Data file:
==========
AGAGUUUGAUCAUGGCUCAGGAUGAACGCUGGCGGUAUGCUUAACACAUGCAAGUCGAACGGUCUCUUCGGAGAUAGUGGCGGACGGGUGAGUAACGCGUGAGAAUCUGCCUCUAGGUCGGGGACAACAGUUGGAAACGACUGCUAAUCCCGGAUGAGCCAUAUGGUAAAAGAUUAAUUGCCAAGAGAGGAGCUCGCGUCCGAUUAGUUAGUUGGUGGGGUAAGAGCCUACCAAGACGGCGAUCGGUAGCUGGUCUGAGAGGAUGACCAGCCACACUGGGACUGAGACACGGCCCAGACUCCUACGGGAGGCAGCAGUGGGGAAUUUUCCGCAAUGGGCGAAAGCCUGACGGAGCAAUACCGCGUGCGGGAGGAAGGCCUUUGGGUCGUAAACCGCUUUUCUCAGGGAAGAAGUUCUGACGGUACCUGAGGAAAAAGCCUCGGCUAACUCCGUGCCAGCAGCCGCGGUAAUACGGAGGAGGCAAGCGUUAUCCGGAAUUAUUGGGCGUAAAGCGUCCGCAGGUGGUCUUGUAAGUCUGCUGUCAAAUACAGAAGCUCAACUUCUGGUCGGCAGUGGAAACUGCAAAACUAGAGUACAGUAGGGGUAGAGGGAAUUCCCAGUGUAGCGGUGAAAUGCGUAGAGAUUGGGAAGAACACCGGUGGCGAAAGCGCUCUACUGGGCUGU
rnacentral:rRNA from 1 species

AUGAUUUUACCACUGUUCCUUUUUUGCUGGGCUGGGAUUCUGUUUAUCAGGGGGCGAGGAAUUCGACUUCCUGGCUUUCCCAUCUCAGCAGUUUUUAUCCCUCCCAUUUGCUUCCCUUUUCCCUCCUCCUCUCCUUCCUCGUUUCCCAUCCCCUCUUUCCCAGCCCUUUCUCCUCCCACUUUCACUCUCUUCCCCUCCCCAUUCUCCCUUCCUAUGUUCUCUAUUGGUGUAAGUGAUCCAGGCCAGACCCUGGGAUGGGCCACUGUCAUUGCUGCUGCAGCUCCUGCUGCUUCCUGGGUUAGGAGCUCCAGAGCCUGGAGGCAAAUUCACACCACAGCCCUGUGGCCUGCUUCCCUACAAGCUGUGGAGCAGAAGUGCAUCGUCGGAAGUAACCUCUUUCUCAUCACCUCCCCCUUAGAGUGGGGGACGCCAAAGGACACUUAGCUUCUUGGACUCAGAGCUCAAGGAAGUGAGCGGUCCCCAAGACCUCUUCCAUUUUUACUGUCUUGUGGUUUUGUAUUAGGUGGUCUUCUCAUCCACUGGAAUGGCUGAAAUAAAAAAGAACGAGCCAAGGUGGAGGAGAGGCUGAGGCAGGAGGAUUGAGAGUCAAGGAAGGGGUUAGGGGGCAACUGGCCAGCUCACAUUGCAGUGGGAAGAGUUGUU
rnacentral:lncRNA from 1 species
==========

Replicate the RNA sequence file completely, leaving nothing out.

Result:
AGAGUUUGAUCAUGGCUCAGGAUGAACGCUGGCGGUAUGCUUAACACAUGCAAGUCGAACGGUCUCUUCGGAGAUAGUGGCGGACGGGUGAGUAACGCGUGAGAAUCUGCCUCUAGGUCGGGGACAACAGUUGGAAACGACUGCUAAUCCCGGAUGAGCCAUAUGGUAAAAGAUUAAUUGCCAAGAGAGGAGCUCGCGUCCGAUUAGUUAGUUGGUGGGGUAAGAGCCUACCAAGACGGCGAUCGGUAGCUGGUCUGAGAGGAUGACCAGCCACACUGGGACUGAGACACGGCCCAGACUCCUACGGGAGGCAGCAGUGGGGAAUUUUCCGCAAUGGGCGAAAGCCUGACGGAGCAAUACCGCGUGCGGGAGGAAGGCCUUUGGGUCGUAAACCGCUUUUCUCAGGGAAGAAGUUCUGACGGUACCUGAGGAAAAAGCCUCGGCUAACUCCGUGCCAGCAGCCGCGGUAAUACGGAGGAGGCAAGCGUUAUCCGGAAUUAUUGGGCGUAAAGCGUCCGCAGGUGGUCUUGUAAGUCUGCUGUCAAAUACAGAAGCUCAACUUCUGGUCGGCAGUGGAAACUGCAAAACUAGAGUACAGUAGGGGUAGAGGGAAUUCCCAGUGUAGCGGUGAAAUGCGUAGAGAUUGGGAAGAACACCGGUGGCGAAAGCGCUCUACUGGGCUGU
rnacentral:rRNA from 1 species

AUGAUUUUACCACUGUUCCUUUUUUGCUGGGCUGGGAUUCUGUUUAUCAGGGGGCGAGGAAUUCGACUUCCUGGCUUUCCCAUCUCAGCAGUUUUUAUCCCUCCCAUUUGCUUCCCUUUUCCCUCCUCCUCUCCUUCCUCGUUUCCCAUCCCCUCUUUCCCAGCCCUUUCUCCUCCCACUUUCACUCUCUUCCCCUCCCCAUUCUCCCUUCCUAUGUUCUCUAUUGGUGUAAGUGAUCCAGGCCAGACCCUGGGAUGGGCCACUGUCAUUGCUGCUGCAGCUCCUGCUGCUUCCUGGGUUAGGAGCUCCAGAGCCUGGAGGCAAAUUCACACCACAGCCCUGUGGCCUGCUUCCCUACAAGCUGUGGAGCAGAAGUGCAUCGUCGGAAGUAACCUCUUUCUCAUCACCUCCCCCUUAGAGUGGGGGACGCCAAAGGACACUUAGCUUCUUGGACUCAGAGCUCAAGGAAGUGAGCGGUCCCCAAGACCUCUUCCAUUUUUACUGUCUUGUGGUUUUGUAUUAGGUGGUCUUCUCAUCCACUGGAAUGGCUGAAAUAAAAAAGAACGAGCCAAGGUGGAGGAGAGGCUGAGGCAGGAGGAUUGAGAGUCAAGGAAGGGGUUAGGGGGCAACUGGCCAGCUCACAUUGCAGUGGGAAGAGUUGUU
rnacentral:lncRNA from 1 species